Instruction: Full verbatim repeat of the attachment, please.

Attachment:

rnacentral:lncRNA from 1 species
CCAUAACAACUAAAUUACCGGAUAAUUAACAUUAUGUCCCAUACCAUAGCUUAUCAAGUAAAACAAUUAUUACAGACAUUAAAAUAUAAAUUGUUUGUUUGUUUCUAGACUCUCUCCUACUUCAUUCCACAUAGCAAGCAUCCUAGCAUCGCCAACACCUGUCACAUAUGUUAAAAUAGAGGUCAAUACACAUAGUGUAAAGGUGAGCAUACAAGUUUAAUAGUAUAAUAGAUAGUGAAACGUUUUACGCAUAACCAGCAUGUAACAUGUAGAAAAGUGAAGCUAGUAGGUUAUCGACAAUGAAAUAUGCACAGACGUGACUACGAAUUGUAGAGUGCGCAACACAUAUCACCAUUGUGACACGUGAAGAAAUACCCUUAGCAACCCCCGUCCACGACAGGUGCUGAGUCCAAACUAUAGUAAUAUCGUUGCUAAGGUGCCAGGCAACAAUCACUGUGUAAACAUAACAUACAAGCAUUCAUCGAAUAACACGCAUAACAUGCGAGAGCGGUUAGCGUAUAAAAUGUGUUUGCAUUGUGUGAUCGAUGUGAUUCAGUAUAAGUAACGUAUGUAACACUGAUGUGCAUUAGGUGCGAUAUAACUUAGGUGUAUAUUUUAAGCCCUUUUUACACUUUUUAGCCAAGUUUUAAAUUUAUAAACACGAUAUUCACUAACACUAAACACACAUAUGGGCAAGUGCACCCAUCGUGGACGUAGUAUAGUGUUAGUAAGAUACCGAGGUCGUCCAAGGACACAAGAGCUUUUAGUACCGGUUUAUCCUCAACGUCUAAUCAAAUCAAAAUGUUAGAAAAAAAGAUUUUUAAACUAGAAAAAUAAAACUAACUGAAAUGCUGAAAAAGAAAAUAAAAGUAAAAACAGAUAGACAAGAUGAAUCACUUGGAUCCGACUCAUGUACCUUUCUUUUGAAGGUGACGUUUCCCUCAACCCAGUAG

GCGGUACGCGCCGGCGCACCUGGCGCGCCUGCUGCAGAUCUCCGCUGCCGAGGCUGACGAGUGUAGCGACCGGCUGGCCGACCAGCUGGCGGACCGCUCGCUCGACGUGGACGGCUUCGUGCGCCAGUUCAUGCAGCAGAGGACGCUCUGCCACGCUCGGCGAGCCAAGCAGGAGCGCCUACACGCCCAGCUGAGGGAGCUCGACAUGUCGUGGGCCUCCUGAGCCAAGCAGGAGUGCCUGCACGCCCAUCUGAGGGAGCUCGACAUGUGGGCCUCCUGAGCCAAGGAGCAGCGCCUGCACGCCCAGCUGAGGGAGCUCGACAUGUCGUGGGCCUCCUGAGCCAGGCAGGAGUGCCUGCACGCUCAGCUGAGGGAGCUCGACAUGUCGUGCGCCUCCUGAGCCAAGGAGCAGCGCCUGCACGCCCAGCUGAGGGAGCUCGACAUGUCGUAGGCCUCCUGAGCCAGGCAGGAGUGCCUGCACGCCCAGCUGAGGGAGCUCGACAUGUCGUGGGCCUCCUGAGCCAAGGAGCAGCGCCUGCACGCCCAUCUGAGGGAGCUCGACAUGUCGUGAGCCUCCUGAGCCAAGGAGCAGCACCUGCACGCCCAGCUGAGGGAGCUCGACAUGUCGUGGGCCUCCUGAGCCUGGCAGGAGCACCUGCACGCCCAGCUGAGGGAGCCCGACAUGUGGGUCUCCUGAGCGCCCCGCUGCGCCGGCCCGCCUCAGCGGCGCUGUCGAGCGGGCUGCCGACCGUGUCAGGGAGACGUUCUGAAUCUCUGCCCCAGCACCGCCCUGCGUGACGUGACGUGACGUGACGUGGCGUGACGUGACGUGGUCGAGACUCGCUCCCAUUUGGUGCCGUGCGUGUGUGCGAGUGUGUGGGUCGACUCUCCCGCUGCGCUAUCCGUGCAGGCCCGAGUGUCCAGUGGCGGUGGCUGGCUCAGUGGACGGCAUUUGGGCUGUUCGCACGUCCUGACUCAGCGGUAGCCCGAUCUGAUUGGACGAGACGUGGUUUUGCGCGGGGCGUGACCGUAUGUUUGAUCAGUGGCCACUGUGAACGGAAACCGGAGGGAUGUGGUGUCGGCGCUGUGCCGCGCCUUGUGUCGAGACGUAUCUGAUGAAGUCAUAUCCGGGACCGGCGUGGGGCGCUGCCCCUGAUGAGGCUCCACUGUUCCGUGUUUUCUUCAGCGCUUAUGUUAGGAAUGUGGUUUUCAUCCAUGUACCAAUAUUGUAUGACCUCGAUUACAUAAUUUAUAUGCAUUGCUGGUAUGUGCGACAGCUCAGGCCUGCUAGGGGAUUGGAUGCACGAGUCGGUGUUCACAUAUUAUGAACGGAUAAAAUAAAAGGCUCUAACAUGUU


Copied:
rnacentral:lncRNA from 1 species
CCAUAACAACUAAAUUACCGGAUAAUUAACAUUAUGUCCCAUACCAUAGCUUAUCAAGUAAAACAAUUAUUACAGACAUUAAAAUAUAAAUUGUUUGUUUGUUUCUAGACUCUCUCCUACUUCAUUCCACAUAGCAAGCAUCCUAGCAUCGCCAACACCUGUCACAUAUGUUAAAAUAGAGGUCAAUACACAUAGUGUAAAGGUGAGCAUACAAGUUUAAUAGUAUAAUAGAUAGUGAAACGUUUUACGCAUAACCAGCAUGUAACAUGUAGAAAAGUGAAGCUAGUAGGUUAUCGACAAUGAAAUAUGCACAGACGUGACUACGAAUUGUAGAGUGCGCAACACAUAUCACCAUUGUGACACGUGAAGAAAUACCCUUAGCAACCCCCGUCCACGACAGGUGCUGAGUCCAAACUAUAGUAAUAUCGUUGCUAAGGUGCCAGGCAACAAUCACUGUGUAAACAUAACAUACAAGCAUUCAUCGAAUAACACGCAUAACAUGCGAGAGCGGUUAGCGUAUAAAAUGUGUUUGCAUUGUGUGAUCGAUGUGAUUCAGUAUAAGUAACGUAUGUAACACUGAUGUGCAUUAGGUGCGAUAUAACUUAGGUGUAUAUUUUAAGCCCUUUUUACACUUUUUAGCCAAGUUUUAAAUUUAUAAACACGAUAUUCACUAACACUAAACACACAUAUGGGCAAGUGCACCCAUCGUGGACGUAGUAUAGUGUUAGUAAGAUACCGAGGUCGUCCAAGGACACAAGAGCUUUUAGUACCGGUUUAUCCUCAACGUCUAAUCAAAUCAAAAUGUUAGAAAAAAAGAUUUUUAAACUAGAAAAAUAAAACUAACUGAAAUGCUGAAAAAGAAAAUAAAAGUAAAAACAGAUAGACAAGAUGAAUCACUUGGAUCCGACUCAUGUACCUUUCUUUUGAAGGUGACGUUUCCCUCAACCCAGUAG

GCGGUACGCGCCGGCGCACCUGGCGCGCCUGCUGCAGAUCUCCGCUGCCGAGGCUGACGAGUGUAGCGACCGGCUGGCCGACCAGCUGGCGGACCGCUCGCUCGACGUGGACGGCUUCGUGCGCCAGUUCAUGCAGCAGAGGACGCUCUGCCACGCUCGGCGAGCCAAGCAGGAGCGCCUACACGCCCAGCUGAGGGAGCUCGACAUGUCGUGGGCCUCCUGAGCCAAGCAGGAGUGCCUGCACGCCCAUCUGAGGGAGCUCGACAUGUGGGCCUCCUGAGCCAAGGAGCAGCGCCUGCACGCCCAGCUGAGGGAGCUCGACAUGUCGUGGGCCUCCUGAGCCAGGCAGGAGUGCCUGCACGCUCAGCUGAGGGAGCUCGACAUGUCGUGCGCCUCCUGAGCCAAGGAGCAGCGCCUGCACGCCCAGCUGAGGGAGCUCGACAUGUCGUAGGCCUCCUGAGCCAGGCAGGAGUGCCUGCACGCCCAGCUGAGGGAGCUCGACAUGUCGUGGGCCUCCUGAGCCAAGGAGCAGCGCCUGCACGCCCAUCUGAGGGAGCUCGACAUGUCGUGAGCCUCCUGAGCCAAGGAGCAGCACCUGCACGCCCAGCUGAGGGAGCUCGACAUGUCGUGGGCCUCCUGAGCCUGGCAGGAGCACCUGCACGCCCAGCUGAGGGAGCCCGACAUGUGGGUCUCCUGAGCGCCCCGCUGCGCCGGCCCGCCUCAGCGGCGCUGUCGAGCGGGCUGCCGACCGUGUCAGGGAGACGUUCUGAAUCUCUGCCCCAGCACCGCCCUGCGUGACGUGACGUGACGUGACGUGGCGUGACGUGACGUGGUCGAGACUCGCUCCCAUUUGGUGCCGUGCGUGUGUGCGAGUGUGUGGGUCGACUCUCCCGCUGCGCUAUCCGUGCAGGCCCGAGUGUCCAGUGGCGGUGGCUGGCUCAGUGGACGGCAUUUGGGCUGUUCGCACGUCCUGACUCAGCGGUAGCCCGAUCUGAUUGGACGAGACGUGGUUUUGCGCGGGGCGUGACCGUAUGUUUGAUCAGUGGCCACUGUGAACGGAAACCGGAGGGAUGUGGUGUCGGCGCUGUGCCGCGCCUUGUGUCGAGACGUAUCUGAUGAAGUCAUAUCCGGGACCGGCGUGGGGCGCUGCCCCUGAUGAGGCUCCACUGUUCCGUGUUUUCUUCAGCGCUUAUGUUAGGAAUGUGGUUUUCAUCCAUGUACCAAUAUUGUAUGACCUCGAUUACAUAAUUUAUAUGCAUUGCUGGUAUGUGCGACAGCUCAGGCCUGCUAGGGGAUUGGAUGCACGAGUCGGUGUUCACAUAUUAUGAACGGAUAAAAUAAAAGGCUCUAACAUGUU